Though badly injured, the boy was able to survive the disease after undergoing nearly a month of treatment at Fort Worth’s Cook Children’s Medical Center in March 2013. The proof of his injuries is still clear-the Escarenos say that their son is both physically and psychologically scarred. According to the Escarenos’ lawsuit, there were no warnings or indications printed on the drug’s label of the possibility of SJS or TEN developing from its use. The family said that had they known about those side effects, that they would never have put their son on the medication. In the lawsuit, it was confirmed that no warnings of SJS or TEN were available by March 2013, and that warnings were announced by the FDA in December 2013. In the lawsuit, the family accuses Lundbeck of knowing these warnings, and intentionally withholding the information to protect their profit margins.

Additionally, the family also alleged Lundbeck of illegally promoting Onfi for uses not approved by the FDA. Because the company had marketed the drug to treat a much broader range of epilepsy conditions, the Escarenos say that is why their son was prescribed the drug for off-label use. Doctors are permitted to prescribe medications for any reason deemed medically relevant, however it is illegal for drug companies to promote drugs for off-label uses.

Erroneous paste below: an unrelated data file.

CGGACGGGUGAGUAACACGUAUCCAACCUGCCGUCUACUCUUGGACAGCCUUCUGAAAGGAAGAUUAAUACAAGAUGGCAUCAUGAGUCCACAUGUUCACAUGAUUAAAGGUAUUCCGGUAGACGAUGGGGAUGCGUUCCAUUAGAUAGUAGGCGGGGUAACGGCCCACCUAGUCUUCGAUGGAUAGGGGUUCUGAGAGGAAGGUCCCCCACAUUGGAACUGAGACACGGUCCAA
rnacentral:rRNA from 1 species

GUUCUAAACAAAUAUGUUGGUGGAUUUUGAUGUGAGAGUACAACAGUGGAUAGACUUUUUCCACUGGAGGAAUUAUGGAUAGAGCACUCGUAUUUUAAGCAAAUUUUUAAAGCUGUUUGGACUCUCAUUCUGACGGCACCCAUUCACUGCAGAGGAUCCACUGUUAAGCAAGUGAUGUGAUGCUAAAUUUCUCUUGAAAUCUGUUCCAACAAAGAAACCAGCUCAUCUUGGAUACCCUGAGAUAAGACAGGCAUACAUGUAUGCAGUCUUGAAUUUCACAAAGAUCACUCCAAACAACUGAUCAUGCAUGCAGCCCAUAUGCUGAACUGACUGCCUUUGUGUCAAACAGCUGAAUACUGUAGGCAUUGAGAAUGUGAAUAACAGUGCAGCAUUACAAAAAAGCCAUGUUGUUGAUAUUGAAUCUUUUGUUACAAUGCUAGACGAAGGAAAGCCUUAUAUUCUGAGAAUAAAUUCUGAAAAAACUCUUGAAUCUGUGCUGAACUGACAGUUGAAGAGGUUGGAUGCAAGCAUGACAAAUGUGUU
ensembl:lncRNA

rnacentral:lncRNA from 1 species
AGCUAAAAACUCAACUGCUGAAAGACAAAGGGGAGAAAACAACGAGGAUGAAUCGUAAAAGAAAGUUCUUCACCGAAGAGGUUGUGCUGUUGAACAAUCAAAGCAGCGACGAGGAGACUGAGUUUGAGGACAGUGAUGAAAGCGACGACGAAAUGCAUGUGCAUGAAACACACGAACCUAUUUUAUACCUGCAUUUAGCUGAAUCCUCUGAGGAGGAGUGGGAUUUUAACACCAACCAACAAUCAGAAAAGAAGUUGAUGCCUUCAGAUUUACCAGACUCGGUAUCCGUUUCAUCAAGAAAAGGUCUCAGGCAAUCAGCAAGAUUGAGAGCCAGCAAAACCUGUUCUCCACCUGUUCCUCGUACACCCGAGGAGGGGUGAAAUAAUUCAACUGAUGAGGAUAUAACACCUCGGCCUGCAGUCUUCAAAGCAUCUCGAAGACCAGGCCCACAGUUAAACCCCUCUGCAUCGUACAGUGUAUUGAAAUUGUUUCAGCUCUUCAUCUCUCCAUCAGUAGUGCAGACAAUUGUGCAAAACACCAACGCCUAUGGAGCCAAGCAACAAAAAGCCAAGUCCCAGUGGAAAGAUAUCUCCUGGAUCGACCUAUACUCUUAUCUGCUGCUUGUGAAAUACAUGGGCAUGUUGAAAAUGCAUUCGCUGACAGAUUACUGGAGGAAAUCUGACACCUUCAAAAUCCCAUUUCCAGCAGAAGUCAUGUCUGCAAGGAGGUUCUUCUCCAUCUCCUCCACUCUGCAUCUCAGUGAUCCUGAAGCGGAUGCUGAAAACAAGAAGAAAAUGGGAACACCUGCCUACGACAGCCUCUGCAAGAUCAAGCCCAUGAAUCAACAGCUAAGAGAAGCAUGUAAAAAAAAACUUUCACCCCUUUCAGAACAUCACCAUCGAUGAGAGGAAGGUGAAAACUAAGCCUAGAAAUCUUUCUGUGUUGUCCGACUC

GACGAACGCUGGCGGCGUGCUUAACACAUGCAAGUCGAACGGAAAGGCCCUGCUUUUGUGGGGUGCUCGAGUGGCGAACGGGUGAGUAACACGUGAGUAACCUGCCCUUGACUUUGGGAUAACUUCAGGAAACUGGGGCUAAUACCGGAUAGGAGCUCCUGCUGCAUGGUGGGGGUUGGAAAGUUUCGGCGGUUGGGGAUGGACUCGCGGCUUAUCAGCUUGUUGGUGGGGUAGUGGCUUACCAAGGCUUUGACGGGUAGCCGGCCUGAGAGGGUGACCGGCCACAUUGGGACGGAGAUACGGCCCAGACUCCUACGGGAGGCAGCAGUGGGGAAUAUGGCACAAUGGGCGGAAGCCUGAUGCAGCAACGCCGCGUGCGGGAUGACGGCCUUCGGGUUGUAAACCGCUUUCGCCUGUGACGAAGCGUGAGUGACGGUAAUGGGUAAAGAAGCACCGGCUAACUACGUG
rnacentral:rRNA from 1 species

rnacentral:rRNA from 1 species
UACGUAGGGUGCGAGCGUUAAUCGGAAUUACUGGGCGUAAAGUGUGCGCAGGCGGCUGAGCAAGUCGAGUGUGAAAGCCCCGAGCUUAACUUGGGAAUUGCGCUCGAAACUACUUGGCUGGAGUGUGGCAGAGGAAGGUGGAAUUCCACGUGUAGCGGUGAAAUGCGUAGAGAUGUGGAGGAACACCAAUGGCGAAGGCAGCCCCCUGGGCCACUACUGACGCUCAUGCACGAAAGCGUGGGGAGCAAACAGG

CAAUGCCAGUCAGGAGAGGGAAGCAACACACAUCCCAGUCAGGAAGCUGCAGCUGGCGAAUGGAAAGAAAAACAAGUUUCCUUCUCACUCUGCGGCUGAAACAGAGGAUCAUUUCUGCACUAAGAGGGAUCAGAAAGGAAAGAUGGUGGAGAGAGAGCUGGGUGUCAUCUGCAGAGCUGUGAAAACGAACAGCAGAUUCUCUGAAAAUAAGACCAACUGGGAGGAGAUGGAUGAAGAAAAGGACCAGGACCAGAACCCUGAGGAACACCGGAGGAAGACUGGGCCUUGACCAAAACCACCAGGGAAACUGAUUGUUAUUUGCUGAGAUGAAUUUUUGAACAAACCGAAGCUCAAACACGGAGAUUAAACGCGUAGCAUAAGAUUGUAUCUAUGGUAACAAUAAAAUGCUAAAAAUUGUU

Stevens-Johnson syndrome is considered to be a medical emergency resulting from a reaction to a medication or an infection. According to Mayo Clinic, Stevens-Johnson syndrome begins with flu-like symptoms, followed by a painful red or purplish rash that spreads and blisters. Then the top layer of the affected skin dies and sheds. Recovery after Stevens-Johnson syndrome can take weeks to months, depending on how severe the condition is.

Common symptoms of SJS include, but are not limited to:

• Facial swelling • Tongue swelling • Hives • Skin pain • A red or purple skin rash that spreads within hours to days • Blisters on skin and the mucous membranes of mouth, nose, eyes and genitals • Shedding of skin • Fever, chills, headaches, muscle aches, joint pains